I have a treat for you today, an interview with Marshfellows!
What is the name of your online shop and link?
How has your experience been selling your art online?
So far it’s been very positive. I’m still a ‘beginner’ in many ways, but I have been lucky and grateful to those who have extended their help, expertise and advice.
What has been your most exciting moment as an artist?
When I first started making Marshfellows, the biggest thrill was just the idea that someone would pay for my artwork. It still amazes me that so many people want to bring my little guys into their homes and lives. But it’s also wonderful when other artists contact me and want one for their own.
How long have you been an artist?
I’ve been working with polymer clay for about five years now, but I’ve always loved arts and crafts ever since I was a little kid.
Who or what had the greatest influence on you as you developed as an artist?
All the credit goes to my Grandmother. When she was still with us, she was always crafting. Sewing, knitting, crocheting, sketching, painting, pottery, ceramics. You name it! But working with clay was something the two of us always did together. She encouraged my love of art and even taught me some of the techniques I know and use today. I absolutely have her to thank for my deep rooted obsession with all things arty and crafty.
How would you characterize your work?
Marshfellows are cute, chubby, silly, sweet, funny and whimsical. They’re like little reminders to smile and giggle. Which you should, it’s good for you!
Describe your workshop/studio for us:
I don’t think I’ve ever actually eaten at my kitchen table, it always has materials, tools, papers and empty coffee cups scattered all over it. When I’m working the music is always playing and the coffee maker is always on. I work at high speed when I’m on a creative buzz and being in the kitchen to work is a reminder in itself that I need to stop every once in a while, come up for air and eat something. Lol.
What’s the hardest part of being an artist?
I think the hardest part has to do with pricing. I have come across situations where a would-be buyer didn’t agree with a listed price and suggested I come up with a more ‘realistic number.”
Of course for the obvious reason it bums me out. It takes my time, money and materials to create a piece, so I can’t just give it away for free, all those variables are valuable to me.
And at the same time a potential customer should see their purchase as a gain, not a loss.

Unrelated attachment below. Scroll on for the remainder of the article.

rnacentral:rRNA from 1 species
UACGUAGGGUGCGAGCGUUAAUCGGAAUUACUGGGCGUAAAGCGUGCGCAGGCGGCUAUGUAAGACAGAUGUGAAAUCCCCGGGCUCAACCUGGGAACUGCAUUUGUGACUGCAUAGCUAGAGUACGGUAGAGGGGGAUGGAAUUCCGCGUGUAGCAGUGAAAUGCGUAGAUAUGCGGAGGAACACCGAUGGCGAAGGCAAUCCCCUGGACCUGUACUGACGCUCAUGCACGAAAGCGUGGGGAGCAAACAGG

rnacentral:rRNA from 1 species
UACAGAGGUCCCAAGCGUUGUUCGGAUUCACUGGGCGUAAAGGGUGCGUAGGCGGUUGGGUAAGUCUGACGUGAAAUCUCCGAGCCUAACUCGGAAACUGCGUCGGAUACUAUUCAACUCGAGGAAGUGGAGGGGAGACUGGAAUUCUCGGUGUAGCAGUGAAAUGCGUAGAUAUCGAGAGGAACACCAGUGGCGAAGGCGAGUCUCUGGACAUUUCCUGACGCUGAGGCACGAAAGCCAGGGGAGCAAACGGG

How many hours a day do you create?
Anywhere between 1-4 hours. It’s usually a mixture of creating new pieces, answering e-mails and updating information on Facebook, Twitter, etc.
How does creating art make you feel?
Being able to sit down and create something new and fun is like a drug to me. I love just listening to my tunes, sipping a hot coffee and bringing something new to life. I enjoy the entire creative process from a simple idea in my mind to the final product sitting before me. It’s very relaxing.
“What is Art?” is certainly too big of a question to ask here, but what do you hope your audience takes away from your art? What statement do you hope to make?
When I’m going about my daily life and I pass by a Marshfellow sitting on my shelf or on the window sill or even as the background for my desktop, I can’t help but smile. That’s all I want for anyone who brings a Marshfellow into their lives.
What are your artistic goals?
I would really like to venture into different mediums by collaborating with other artists. There are plans already being set in motion for future projects. I’m really excited about working with new people, pooling ideas, designing new products and taking advantage of learning opportunities. I think 2012 is going to be a great year for Marshfellows.
How have you handled the business side of being an artist?
I have been lucky to have received help from those who are more experienced when it comes to running a small business. But the most important aspect of any business, providing good customer service, is probably what I’m best at. I figure as long as I remember to take good and proper care of my customers, the rest I can learn along the way. Because in the end, if you don’t have happy and loyal customers, you don’t have a business.
Where else on the Internet can we find your work?
Right now I’m working on setting up my shop at TheArtLand.com and I hope to set-up an Etsy account in the future. But for now I’m taking orders via e-mail and Facebook, which I prefer for custom orders. That way I can work closely with the customer and create something that is exactly what they want.
Thank you so much for taking the time to let me interview you Autumn, your items are simply adorable!